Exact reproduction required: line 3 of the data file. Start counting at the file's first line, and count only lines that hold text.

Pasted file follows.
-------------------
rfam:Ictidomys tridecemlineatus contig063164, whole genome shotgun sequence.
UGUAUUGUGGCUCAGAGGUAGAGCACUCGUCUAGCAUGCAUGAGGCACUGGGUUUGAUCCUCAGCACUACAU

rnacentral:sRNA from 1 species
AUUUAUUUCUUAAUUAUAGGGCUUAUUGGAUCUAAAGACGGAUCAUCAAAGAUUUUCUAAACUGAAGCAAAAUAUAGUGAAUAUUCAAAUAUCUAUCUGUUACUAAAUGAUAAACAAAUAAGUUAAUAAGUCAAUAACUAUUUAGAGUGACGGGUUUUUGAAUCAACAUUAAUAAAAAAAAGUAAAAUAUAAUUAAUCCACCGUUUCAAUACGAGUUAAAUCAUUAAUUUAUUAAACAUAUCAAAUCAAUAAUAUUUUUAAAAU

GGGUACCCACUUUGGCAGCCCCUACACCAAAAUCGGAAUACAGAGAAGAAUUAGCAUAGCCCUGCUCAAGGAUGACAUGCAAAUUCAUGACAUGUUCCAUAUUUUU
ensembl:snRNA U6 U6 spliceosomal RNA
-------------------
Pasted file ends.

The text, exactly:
rnacentral:sRNA from 1 species